In Case 2, on the other hand, the time interval Tn until backup A moves to the third save period is three hours, and the time interval Tp until backup C leaves the third save period is three hours. In this case, after three hours backup C will have left the third save period and backup A will have moved to the third save period. Accordingly, in the third save period, backup A can be saved even if backup B does not exist, so backup B can be overwritten.

FIG. 14 is a flowchart showing the flow of an overwrite decision process. Here, a backup which is about to move form save period, to which the backup now belongs, to next save period at the time of backup acquisition is termed a target backup. The save period to which a target backup is moved is termed save period NR. A backup previously saving a save period NR is termed backup PB. The next newest backup than the target backup is termed backup NB.

CPU 10 refers to the save period table stored in save period table storage unit 31 c and to the volume table stored in volume table storage unit 31 d to determine whether the destination for moving the target backup is a save period (Step S200). At this time, the overwrite-enable flag and the tape backup flag of the volume storing target backup in the volume table are “NO” and “FALSE” respectively. In the event that the destination for moving the target backup is not a save period (Step S200: NO), in order to execute tape backup at a later point in time, the tape backup flag of the volume storing target backup in the volume table is changed to “TRUE” (Step S210). Since there is no need to hold a target backup that is outside the save period, the overwrite-enable flag is changed to “OK” (Step S270).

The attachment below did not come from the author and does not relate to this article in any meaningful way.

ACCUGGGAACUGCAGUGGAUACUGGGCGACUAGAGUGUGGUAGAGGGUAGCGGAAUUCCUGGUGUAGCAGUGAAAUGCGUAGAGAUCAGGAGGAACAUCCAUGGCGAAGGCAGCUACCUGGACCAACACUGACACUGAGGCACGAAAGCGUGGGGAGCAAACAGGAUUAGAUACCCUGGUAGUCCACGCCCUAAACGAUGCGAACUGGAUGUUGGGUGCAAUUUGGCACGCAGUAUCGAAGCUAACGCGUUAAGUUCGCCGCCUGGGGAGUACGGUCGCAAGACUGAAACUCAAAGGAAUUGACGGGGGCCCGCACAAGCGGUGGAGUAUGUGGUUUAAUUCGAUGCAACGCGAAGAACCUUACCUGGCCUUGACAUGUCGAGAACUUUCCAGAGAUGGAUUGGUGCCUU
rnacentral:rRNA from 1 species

In Step S200, in the event of a determination that the destination for moving the target backup is a save period (Step S200: YES), CPU 10 executes a process to acquire the backup PB previously saving the save period NR which is the destination for moving the target backup (Step S220). This backup PB acquisition process will be described later.

Next, CPU 10 determines whether backup PB could be acquired (Step S230). If backup PB could not be acquired (Step S230: NO), the process is terminated. If backup PB could be acquired (Step S230: YES), a process to acquire the backup NB that is acquired after the target backup and saves some period (Step S240). This backup NB acquisition process will be described later.

CPU 10 then calculates the time interval Tp until backup PB leaves save period NR, and the time Tn until backup NB moves to save period NR (Step S250), and determines whether time interval Tn is equal to or shorter than time interval Tp (Step S260). In the event that time interval Tn is longer than time interval Tp (Step S260: NO), the process is terminated. In the event that time interval Tn is shorter than time interval Tp (Step S260: YES), the overwrite-enable flag of the volume storing the target backup in the volume table is changed to “OK” (Step S270).

FIG. 15 is a flowchart showing the flow of a backup PB acquisition process. It is the process of Step S220 in FIG. 14. First, CPU 10 refers to the volume table to list up backups belonging to save period NR, in order from the oldest (Step S211). The oldest backup from among the listed up backups is then designated as backup TB (Step S212).